GPU Passthrough with KVM and Debian Linux

By | 2016/08/28

I have had success with PCI Passthrough and KVM under Debian Linux to pass a dedicated GPU to a Windows VM. Here are some notes!


Required:
  • Debian Stretch or later. Debian Stretch has the latest qemu (2.6) and libvirt (2.1.0) at time of writing. I was unsuccessful with Jessie due to fairly old qemu and libvirt, and no backports of qemu or libvirt are available at this time.
  • Recent motherboard and CPU which supports VT-d or AMD-Vi and IOMMU
  • Two video cards (GPUs). One will be for the Linux desktop and one will be dedicated for the Windows VM.
  • GPU brand: Get a recent AMD GPU. Nvidia disables their device in Windows with ‘Code 43‘ when virtualization is detected though there are some workarounds with recent versions of qemu. Intel passthrough is experimental at this point for Haswell or later and could be worth checking out if so inspired. AMD is the most straightforward for passthrough. Buy card, stick it in, and it works. One can even do some crazy stuff with AMD.
  • Second monitor connected to the passthrough GPU
  • Second USB keyboard and USB mouse to dedicate to the VM to make life easier. One could also use a KVM switch (the other KVM).
  • Windows 8.1 or later. Windows 8.1 has better UEFI support than Windows 7 and will work more care free overall with GPU devices and passthrough.

01-gpupassthru-edit

GPU Passthrough Windows 8.1 VM on the left, Debian desktop on the right!


Reference for more info

Good general reference for PCI Passthrough:

ArchWiki


Performance

How is the performance?

With the aid of Hyper-V Enligtenments in KVM, performance is as native as bare metal.


OK Let’s Do This Bro!

Step 1: Install kvm and associated packages

sudo apt install virt-manager qemu-kvm ovmf bridge-utils uml-utilities libvirt-bin

It is a good idea to add your username to these groups for general kvm usage as a desktop user:

sudo gpasswd -a $(whoami) kvm
sudo gpasswd -a $(whoami) libvirt
sudo gpasswd -a $(whoami) libvirt-qemu


Step 2: Enable IOMMU

Edit /etc/default/grub and add the following to the GRUB_CMDLINE_LINUX_DEFAULT entry:

For Intel cpus, add:

intel_iommu=on

For AMD cpus, add:

amd_iommu=on


Step 3: Create new grub.cfg with that change

sudo grub-mkconfig -o /boot/grub/grub.cfg


Step 4: Blacklist the Linux driver of the passthrough device

Create / edit a file named, say, /etc/modprobe.d/blacklist.conf and add the following contents:

blacklist nouveau
blacklist radeon
blacklist amdgpu

Step 5: Reboot

sudo reboot


Step 6: Locate the PCI IDs of the passthrough GPU device

The following command will locate the iommu groups on your rig:

for iommu_group in $(find /sys/kernel/iommu_groups/ -maxdepth 1 -mindepth 1 -type d); do echo "IOMMU group $(basename "$iommu_group")"; for device in $(ls -1 "$iommu_group"/devices/); do echo -n $'\t'; lspci -nns "$device"; done; done

In my case, the example output shows my AMD device to passthrough:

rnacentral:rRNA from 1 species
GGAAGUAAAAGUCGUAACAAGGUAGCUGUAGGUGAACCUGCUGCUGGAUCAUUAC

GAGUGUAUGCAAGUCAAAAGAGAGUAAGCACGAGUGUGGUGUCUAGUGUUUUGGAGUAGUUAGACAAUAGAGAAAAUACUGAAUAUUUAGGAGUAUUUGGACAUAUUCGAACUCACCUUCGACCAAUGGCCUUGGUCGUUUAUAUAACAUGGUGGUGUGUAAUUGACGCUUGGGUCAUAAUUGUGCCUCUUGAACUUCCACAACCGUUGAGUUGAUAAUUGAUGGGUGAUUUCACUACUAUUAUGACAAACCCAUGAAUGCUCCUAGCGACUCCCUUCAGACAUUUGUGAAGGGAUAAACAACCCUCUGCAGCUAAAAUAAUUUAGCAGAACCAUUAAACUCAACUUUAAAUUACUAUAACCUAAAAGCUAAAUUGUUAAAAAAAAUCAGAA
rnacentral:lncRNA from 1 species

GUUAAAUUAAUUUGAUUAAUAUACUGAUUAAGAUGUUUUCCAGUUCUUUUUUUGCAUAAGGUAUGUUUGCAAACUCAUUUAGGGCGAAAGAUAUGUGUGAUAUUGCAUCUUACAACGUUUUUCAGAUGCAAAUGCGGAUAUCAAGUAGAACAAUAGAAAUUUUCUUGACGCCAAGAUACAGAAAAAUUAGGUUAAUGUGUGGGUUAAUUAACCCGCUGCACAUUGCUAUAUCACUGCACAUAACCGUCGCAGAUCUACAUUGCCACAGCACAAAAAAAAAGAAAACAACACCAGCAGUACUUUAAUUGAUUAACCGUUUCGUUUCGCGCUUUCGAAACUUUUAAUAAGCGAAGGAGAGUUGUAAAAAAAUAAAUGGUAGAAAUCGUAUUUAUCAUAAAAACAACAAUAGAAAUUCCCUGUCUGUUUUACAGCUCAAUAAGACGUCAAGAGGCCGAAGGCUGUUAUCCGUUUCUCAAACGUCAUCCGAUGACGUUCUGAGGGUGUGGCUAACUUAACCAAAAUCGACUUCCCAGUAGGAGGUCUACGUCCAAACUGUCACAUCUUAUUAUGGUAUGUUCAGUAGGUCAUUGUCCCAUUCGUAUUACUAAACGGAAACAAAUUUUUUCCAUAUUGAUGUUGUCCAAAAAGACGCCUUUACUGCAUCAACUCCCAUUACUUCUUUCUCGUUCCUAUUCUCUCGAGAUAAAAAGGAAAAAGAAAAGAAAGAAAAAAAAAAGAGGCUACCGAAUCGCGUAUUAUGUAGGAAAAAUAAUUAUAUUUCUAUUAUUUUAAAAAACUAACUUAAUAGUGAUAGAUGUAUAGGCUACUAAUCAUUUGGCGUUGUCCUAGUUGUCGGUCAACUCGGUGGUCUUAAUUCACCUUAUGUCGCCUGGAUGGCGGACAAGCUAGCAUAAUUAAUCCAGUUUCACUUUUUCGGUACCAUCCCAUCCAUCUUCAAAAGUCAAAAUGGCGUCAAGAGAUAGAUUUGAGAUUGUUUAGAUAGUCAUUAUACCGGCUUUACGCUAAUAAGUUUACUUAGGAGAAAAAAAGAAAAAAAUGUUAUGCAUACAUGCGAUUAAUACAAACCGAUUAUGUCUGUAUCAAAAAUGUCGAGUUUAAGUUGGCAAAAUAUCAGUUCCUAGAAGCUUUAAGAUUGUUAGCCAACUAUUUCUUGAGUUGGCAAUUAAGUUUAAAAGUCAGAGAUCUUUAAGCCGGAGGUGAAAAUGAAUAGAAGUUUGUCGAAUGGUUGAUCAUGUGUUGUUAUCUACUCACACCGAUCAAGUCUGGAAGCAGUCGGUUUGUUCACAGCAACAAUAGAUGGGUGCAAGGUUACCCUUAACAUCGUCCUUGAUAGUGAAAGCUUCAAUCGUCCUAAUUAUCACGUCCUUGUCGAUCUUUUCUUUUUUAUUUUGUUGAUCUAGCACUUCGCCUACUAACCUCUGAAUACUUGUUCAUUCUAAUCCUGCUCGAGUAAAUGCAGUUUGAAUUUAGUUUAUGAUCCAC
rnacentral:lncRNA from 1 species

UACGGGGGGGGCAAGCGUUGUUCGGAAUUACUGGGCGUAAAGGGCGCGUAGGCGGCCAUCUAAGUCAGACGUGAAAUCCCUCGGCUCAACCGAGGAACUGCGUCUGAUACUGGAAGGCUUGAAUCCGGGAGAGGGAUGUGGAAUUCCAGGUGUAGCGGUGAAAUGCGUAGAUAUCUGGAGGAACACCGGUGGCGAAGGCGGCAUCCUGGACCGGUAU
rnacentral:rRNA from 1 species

IOMMU group 11

        05:00.0 VGA compatible controller [0300]: Advanced Micro Devices, Inc. [AMD/ATI] Venus LE [Radeon HD 8830M] [1002:682b] (rev 87)
        05:00.1 Audio device [0403]: Advanced Micro Devices, Inc. [AMD/ATI] Cape Verde/Pitcairn HDMI Audio [Radeon HD 7700/7800 Series] [1002:aab0]

Note the PCI IDs of the GPU and also the HDMI audio device. The IDs are the last indications in brackets at the end of each device 1002:682b and 1002:aab0 in my case.


Step 7: Add PCI IDs to /etc/modprobe.d/vfio.conf

Create the file /etc/modprobe.d/vfio.conf and add both PCI IDs of the device to passthrough.

In my example, the file looks like:

# pass thru AMD gpu
options vfio-pci ids=1002:682b,1002:aab0


Step 8: Add vifo moudles to initrd

Edit the file /etc/initramfs-tools/modules

Add the following:

vfio
vfio_iommu_type1
vfio_pci
vfio_virqfd

Save and then create a new initrd image via:

sudo update-initramfs -u


Step 9: Enable passthrough in qemu’s config

Edit /etc/libvirt/qemu.conf

Uncomment:

nvram = [    "/usr/share/OVMF/OVMF_CODE.fd:/usr/share/OVMF/OVMF_VARS.fd"
]


Step 10: Reboot

sudo reboot


Windows VM Setup

From this point, create a VM in virt-manager or select an existing Windows VM one wishes to pass through the PCI device.

For best performance, enable Hyper-V Enlightenments for the Windows VM. A how-to guide can be found here.

To select the passthrough device, from virt-manager click on Add Hardware > PCI Host Device and select the passthrough GPU and then also its HDMI audio device. It is recommended to pass all components of a GPU device, from what I have gathered.

02-gpupassthru

Once inside Windows, be sure to install the GPU’s drivers as one would do with any bare metal Windows install. Then connect a second display to the passthrough GPU and you should be all set.

03-gpupassthru

04-gpupassthru

Note: It is also possible to perhaps use a single monitor which has multiple inputs and switch inputs to the Windows VM and back to Linux. However, I find it very satisfying to have a completely separate monitor to game and then have also my regular Linux desktop available side by side on the desk. The experience is as if there are two computers under one’s desk. I can pause a game, check something online / respond to a chat, and go back to the game. Or watch a video while gaming, etc.

If using an AMD GPU, congrats it just works! For NVIDIA, check out this reddit post for some more info.

05-gpupassthru

NVIDIA: Code 43 🙁


Other general Windows performance tips:

  • Don’t use any anti-virus or ‘security’ software
  • Disable Windows Defender completely
  • Disable System Restore
  • Set Performance Visual Effects to: Adjust for best performance
  • Set Windows Updates to manual check only
  • Disable and remove any of the active start screen news or other widgets, or whatever that mess is called
  • Use virtio drivers for everything (disk, network, etc).


Special shout out to #teamCO

Rock on,